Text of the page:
Category Archives for "Research"
This post will cover in detail two different ways of doing Monte Carlo analysis and the code needed to it in AmiBroker. A reader recently sent me this article, Monte Carlo Analysis For Trading Systems. The article covers three methods of Monte Carlo analysis. One of which I had never thought about and I had to slap my head on how simple it was.
About once a month, someone asks how important it is to have dividend adjusted data. Or someone will comment they do not want to use Premium Data because they do not adjust for dividends (it does but it is not enabled by default). My answer has been “without dividend adjusted data, your results may be understated.” It has always bothered me that I could not give a better answer. In my post, “How much does not having survivorship free data change test results?” I covered other data issues but not this one. Since Premium Data makes it easy to have two databases, one with the dividend adjustments and one without, it was time to run tests and determine how much of a difference it makes.
In the two previous posts, we have looked at low volatility stocks vs. high volatility stocks with trailing stops. Overall, the data pointed to trading lower volatility stocks. In this post, the focus is on low volatility stocks but now adding profit target stops to see how they can improve the results.
In my last post, Should one trade high or low volatility stocks?, we placed stocks into three volatility buckets and compared their performance. Several readers pointed out that using a fixed percentage stop made it more likely for high volatility stocks to hit the stop thus not performing as well. Readers suggested using an Average True Range stop or a time stop. We will explore those two stops and see how the volatility buckets compare.
Before we get to the tests, I need to explain a new metric I will be using. At Connors Research we use Individual Trade Quality, ITQ, when we were comparing results of non-portfolio tests, such as these tests. The simple way to understand ITQ is it analogous to Sharpe Ratio in a portfolio test. To get more details on ITQ see How to Measure the Individual Trade Quality of Your Strategy.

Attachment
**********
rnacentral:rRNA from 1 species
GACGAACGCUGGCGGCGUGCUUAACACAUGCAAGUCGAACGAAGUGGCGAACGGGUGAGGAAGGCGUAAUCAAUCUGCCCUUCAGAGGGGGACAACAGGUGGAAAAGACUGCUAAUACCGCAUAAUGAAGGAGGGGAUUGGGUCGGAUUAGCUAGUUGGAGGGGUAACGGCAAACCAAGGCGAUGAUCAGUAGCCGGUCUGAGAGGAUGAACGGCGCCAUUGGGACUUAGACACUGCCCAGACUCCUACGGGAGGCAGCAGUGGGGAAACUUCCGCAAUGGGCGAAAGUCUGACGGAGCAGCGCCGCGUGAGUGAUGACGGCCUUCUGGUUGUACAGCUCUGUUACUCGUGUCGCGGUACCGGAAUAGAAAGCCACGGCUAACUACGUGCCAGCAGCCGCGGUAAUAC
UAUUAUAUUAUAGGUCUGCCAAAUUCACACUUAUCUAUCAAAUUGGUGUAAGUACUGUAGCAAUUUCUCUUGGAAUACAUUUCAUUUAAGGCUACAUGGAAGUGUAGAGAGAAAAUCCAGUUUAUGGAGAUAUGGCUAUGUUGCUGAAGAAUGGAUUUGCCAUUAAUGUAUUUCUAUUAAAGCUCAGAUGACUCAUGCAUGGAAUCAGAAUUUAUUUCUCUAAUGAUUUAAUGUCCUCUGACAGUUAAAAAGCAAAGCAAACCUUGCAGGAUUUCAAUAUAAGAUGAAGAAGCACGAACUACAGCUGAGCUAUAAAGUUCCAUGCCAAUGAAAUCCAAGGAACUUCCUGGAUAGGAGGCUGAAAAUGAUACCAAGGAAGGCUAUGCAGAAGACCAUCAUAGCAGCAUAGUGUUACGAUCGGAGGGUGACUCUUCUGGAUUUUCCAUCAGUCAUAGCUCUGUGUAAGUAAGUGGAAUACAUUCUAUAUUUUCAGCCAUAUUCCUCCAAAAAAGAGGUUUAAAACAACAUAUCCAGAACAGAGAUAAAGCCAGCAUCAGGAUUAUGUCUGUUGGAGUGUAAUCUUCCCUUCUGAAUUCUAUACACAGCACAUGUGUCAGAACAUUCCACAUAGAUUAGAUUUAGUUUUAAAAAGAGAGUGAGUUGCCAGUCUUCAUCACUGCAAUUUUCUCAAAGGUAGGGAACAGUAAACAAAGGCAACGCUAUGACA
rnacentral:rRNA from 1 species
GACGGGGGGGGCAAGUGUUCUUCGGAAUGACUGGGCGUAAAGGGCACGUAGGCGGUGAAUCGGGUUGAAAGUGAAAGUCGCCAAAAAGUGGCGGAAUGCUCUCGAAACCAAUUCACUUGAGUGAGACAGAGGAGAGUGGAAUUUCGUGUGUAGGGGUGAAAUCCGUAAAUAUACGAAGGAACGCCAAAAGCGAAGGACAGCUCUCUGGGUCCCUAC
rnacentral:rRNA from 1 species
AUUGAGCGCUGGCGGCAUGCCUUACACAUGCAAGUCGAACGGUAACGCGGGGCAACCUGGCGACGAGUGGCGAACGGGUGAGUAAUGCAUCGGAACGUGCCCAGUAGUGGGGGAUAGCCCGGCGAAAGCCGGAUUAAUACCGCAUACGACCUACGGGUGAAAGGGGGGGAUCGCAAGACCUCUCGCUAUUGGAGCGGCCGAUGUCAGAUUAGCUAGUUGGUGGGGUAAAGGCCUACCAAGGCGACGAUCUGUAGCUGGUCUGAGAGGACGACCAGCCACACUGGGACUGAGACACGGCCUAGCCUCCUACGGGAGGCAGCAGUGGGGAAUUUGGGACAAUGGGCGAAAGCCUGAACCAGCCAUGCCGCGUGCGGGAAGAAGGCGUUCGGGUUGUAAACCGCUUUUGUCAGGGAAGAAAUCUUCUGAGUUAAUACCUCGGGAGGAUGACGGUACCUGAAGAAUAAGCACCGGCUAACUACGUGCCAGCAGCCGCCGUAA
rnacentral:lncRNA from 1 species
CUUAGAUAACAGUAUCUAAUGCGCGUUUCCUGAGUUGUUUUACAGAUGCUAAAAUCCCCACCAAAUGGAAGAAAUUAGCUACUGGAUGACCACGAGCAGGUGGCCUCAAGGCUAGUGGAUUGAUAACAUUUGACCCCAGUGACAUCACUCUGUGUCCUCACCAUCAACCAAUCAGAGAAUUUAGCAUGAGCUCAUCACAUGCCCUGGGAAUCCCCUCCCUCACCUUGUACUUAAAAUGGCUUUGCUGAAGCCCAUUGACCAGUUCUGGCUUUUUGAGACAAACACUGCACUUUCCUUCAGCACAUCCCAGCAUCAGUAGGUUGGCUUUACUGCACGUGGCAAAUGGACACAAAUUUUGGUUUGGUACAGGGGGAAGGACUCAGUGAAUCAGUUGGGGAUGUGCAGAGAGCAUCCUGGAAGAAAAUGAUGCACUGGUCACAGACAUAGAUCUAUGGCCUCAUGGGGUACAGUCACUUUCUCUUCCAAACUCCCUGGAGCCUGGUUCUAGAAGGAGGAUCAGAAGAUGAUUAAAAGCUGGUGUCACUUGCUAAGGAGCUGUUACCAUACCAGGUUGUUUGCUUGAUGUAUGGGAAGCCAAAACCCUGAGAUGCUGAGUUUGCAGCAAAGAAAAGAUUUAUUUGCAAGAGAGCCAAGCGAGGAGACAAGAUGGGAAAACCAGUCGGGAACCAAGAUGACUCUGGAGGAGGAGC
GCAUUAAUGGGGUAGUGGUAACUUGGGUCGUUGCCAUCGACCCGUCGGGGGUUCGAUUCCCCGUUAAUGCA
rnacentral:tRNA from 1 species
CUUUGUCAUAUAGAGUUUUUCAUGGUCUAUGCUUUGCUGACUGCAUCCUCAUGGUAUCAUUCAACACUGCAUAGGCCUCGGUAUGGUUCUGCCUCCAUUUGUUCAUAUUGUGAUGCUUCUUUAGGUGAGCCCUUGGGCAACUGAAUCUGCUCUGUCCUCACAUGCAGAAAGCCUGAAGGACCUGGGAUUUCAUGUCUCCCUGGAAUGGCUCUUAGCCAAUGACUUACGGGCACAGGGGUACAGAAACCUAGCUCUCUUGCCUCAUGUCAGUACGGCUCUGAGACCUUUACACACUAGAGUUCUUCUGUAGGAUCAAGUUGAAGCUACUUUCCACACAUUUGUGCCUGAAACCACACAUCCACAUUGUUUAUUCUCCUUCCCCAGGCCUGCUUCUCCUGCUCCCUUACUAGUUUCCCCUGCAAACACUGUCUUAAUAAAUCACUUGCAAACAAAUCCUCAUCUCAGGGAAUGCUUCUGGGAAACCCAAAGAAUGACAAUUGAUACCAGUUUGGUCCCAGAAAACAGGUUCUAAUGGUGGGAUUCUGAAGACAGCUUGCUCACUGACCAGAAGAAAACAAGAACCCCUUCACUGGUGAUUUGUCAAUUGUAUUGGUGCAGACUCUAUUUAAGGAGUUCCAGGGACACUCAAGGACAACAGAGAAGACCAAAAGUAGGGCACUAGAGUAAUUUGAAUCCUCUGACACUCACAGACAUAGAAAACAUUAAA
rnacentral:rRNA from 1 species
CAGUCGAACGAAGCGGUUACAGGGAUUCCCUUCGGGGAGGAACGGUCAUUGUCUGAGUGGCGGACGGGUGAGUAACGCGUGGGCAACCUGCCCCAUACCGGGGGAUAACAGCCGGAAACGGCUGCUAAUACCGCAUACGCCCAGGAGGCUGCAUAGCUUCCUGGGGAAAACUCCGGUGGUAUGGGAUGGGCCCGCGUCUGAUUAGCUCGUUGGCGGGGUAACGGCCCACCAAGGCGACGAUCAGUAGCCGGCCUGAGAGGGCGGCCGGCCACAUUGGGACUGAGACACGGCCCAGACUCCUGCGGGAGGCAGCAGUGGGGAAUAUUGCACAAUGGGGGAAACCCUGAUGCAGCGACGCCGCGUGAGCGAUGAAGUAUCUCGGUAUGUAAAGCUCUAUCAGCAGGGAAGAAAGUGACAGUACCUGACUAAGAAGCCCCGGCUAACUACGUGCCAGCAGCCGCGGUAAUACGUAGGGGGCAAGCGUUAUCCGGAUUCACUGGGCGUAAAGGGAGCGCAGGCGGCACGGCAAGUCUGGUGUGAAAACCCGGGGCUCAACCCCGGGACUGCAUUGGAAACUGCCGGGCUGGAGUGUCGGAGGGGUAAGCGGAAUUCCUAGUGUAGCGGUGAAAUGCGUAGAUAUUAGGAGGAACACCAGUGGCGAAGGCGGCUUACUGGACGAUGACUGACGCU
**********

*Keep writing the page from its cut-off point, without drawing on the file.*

If one is trying to develop a multi-month hold stock strategy, is it better to focus on high or low volatility stocks? For a long time, I have wanted to add a longer term stock strategy to my basket of strategies that I trade. I do not expect this strategy to perform as well as my shorter term strategies but work as a complement to them
Low volatility or high volatility? Short term trading strategies tend to do best when they focus on high volatility stocks. Will this be true for a longer hold strategy?
During some recent research I noticed that picking random stocks in the SP500 produced returns much better than I would expect. This observation was recently echoed by another researcher that I know. Could one make a market beating system by basically randomly pick stocks?
The research that led to this observation was on market timing. Can having a good market timing rule, a profit target and stop loss be enough to randomly pick stocks and beat the market. The answer may surprise you.
I saw this interesting graph the other day on The Big Picture and wanted to know more. Are stocks really moving less in tandem? Could there be another explanation for what is going on? Researching the numbers behind the chart may provide some interesting insights.
Over the last month several people have asked me how important it is to have survivorship-free data. For any researcher this is an important question to understand how the different data can change your results. We will be exploring three potential data issues: as traded prices, delisted stocks (survivorship-bias), and historical index constituents (pre-inclusion bias).
This extended research is from two readers’ requests. Request one is adding stop losses on the “Monthly S&P500 Stock Rotation Strategy.” Request two is seeing the equity curves from “Percent S&P500 Stocks Trading Above MA50 as Market Timing Indicator.”
Is it better to buy the worst year-to-date performing stocks or the best year-to-date performing stocks for the month of December? Common wisdom would say stay away from the losers because those are the one that people are selling for tax reasons. Are fund managers buying the winners for window dressing?